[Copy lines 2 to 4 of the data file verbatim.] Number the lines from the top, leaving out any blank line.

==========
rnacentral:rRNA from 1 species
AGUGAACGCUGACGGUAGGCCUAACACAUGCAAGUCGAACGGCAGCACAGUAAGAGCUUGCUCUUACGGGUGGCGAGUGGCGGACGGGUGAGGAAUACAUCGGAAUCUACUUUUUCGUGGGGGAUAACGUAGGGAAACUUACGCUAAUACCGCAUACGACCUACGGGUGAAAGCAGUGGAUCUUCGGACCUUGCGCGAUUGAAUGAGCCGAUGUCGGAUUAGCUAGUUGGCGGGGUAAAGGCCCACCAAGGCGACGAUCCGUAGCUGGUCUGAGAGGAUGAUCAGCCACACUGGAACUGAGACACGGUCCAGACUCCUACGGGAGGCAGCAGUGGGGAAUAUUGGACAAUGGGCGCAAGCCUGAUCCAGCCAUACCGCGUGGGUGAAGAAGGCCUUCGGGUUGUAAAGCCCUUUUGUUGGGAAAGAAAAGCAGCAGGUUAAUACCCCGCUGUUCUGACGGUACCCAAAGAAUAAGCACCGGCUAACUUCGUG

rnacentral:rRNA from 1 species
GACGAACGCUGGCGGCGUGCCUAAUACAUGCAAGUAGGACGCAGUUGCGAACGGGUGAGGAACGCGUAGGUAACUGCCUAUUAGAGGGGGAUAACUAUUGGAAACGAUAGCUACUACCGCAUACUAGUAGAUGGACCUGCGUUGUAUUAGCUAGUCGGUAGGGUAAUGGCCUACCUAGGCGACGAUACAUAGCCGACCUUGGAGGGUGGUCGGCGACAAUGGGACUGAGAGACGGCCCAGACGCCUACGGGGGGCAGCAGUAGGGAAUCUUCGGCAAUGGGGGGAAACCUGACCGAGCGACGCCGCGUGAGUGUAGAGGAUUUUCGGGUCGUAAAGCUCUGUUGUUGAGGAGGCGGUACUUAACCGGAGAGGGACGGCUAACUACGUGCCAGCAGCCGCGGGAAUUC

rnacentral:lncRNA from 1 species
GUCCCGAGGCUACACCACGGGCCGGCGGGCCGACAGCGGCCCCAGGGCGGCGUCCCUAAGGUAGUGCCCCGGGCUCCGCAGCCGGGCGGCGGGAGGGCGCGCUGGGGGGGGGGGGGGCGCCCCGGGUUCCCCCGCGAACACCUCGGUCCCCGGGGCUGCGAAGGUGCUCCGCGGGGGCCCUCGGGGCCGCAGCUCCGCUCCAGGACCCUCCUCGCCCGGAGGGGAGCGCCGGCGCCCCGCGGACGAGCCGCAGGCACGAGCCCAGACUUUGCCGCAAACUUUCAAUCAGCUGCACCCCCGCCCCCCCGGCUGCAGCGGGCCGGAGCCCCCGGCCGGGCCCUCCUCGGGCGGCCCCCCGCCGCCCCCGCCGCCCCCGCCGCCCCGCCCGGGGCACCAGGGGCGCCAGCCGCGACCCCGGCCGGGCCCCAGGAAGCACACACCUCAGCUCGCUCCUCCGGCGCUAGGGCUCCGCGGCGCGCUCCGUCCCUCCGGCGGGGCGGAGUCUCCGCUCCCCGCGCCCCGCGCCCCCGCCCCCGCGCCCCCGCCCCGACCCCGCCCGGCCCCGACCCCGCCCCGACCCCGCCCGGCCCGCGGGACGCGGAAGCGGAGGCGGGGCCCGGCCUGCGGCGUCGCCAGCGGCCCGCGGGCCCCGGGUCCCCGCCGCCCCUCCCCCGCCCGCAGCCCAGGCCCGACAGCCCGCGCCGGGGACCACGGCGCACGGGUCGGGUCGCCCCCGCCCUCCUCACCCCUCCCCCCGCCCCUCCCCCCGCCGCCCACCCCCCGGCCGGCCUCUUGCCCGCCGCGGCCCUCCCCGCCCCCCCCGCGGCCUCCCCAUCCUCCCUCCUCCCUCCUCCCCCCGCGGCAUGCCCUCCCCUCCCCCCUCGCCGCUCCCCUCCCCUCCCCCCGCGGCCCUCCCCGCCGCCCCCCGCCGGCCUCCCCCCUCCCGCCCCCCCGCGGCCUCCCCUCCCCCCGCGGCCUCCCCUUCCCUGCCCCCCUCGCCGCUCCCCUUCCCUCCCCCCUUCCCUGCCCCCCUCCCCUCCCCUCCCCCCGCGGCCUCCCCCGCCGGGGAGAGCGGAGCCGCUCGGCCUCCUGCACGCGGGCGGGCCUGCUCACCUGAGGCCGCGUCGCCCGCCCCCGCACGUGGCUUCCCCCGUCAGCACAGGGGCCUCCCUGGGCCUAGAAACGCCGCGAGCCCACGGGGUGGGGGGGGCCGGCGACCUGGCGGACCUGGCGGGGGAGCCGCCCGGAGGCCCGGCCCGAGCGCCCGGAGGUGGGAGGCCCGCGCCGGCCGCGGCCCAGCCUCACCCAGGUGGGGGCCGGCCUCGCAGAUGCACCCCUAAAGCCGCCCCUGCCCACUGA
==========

AGUGAACGCUGACGGUAGGCCUAACACAUGCAAGUCGAACGGCAGCACAGUAAGAGCUUGCUCUUACGGGUGGCGAGUGGCGGACGGGUGAGGAAUACAUCGGAAUCUACUUUUUCGUGGGGGAUAACGUAGGGAAACUUACGCUAAUACCGCAUACGACCUACGGGUGAAAGCAGUGGAUCUUCGGACCUUGCGCGAUUGAAUGAGCCGAUGUCGGAUUAGCUAGUUGGCGGGGUAAAGGCCCACCAAGGCGACGAUCCGUAGCUGGUCUGAGAGGAUGAUCAGCCACACUGGAACUGAGACACGGUCCAGACUCCUACGGGAGGCAGCAGUGGGGAAUAUUGGACAAUGGGCGCAAGCCUGAUCCAGCCAUACCGCGUGGGUGAAGAAGGCCUUCGGGUUGUAAAGCCCUUUUGUUGGGAAAGAAAAGCAGCAGGUUAAUACCCCGCUGUUCUGACGGUACCCAAAGAAUAAGCACCGGCUAACUUCGUG

rnacentral:rRNA from 1 species
GACGAACGCUGGCGGCGUGCCUAAUACAUGCAAGUAGGACGCAGUUGCGAACGGGUGAGGAACGCGUAGGUAACUGCCUAUUAGAGGGGGAUAACUAUUGGAAACGAUAGCUACUACCGCAUACUAGUAGAUGGACCUGCGUUGUAUUAGCUAGUCGGUAGGGUAAUGGCCUACCUAGGCGACGAUACAUAGCCGACCUUGGAGGGUGGUCGGCGACAAUGGGACUGAGAGACGGCCCAGACGCCUACGGGGGGCAGCAGUAGGGAAUCUUCGGCAAUGGGGGGAAACCUGACCGAGCGACGCCGCGUGAGUGUAGAGGAUUUUCGGGUCGUAAAGCUCUGUUGUUGAGGAGGCGGUACUUAACCGGAGAGGGACGGCUAACUACGUGCCAGCAGCCGCGGGAAUUC